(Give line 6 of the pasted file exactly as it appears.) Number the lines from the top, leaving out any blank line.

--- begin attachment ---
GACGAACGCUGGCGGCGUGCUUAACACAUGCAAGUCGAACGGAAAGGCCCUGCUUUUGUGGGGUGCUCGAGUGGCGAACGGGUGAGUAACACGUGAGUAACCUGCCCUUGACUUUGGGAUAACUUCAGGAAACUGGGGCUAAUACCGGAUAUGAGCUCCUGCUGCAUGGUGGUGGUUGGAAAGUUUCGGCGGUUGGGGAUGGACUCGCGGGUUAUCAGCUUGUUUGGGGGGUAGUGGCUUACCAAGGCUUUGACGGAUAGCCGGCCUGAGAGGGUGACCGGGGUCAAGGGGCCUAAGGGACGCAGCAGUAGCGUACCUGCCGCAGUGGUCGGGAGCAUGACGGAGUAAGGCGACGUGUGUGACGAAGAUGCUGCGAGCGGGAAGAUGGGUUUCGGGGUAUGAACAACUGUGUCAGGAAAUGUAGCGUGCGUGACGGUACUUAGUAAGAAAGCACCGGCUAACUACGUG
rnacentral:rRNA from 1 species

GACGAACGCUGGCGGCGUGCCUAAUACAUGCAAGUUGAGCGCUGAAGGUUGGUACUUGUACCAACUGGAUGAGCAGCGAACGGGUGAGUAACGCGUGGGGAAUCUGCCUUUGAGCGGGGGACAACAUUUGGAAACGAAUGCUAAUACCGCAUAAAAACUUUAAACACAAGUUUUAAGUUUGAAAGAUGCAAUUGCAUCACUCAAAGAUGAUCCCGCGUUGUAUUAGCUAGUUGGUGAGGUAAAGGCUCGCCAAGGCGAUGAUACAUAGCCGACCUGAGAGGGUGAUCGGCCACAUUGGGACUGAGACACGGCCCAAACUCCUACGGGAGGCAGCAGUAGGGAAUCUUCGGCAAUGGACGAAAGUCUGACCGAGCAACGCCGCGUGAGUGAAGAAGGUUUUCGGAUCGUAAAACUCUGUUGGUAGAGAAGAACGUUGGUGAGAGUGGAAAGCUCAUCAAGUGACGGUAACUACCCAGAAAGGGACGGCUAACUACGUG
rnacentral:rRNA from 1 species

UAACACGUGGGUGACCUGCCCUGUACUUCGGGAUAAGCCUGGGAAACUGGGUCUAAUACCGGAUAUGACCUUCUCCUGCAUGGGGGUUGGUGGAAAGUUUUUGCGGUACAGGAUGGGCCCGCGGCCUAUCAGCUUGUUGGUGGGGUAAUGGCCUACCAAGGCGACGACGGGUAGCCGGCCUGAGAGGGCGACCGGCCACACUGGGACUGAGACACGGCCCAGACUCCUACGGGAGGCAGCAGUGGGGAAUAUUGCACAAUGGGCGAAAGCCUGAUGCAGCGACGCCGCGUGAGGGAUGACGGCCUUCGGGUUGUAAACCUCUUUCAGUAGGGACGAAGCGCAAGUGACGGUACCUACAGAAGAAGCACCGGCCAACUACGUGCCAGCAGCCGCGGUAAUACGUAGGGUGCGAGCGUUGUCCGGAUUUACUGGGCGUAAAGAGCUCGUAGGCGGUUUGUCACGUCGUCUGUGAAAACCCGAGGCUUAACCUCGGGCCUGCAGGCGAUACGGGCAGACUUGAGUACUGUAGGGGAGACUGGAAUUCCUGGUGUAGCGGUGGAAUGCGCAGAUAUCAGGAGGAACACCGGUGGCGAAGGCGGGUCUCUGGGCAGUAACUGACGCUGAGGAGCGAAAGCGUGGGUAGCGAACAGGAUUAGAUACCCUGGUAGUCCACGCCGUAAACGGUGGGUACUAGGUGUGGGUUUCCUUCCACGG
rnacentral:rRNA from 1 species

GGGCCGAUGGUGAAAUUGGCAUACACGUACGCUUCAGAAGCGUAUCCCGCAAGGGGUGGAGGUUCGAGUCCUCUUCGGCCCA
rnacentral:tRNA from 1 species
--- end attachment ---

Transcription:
rnacentral:rRNA from 1 species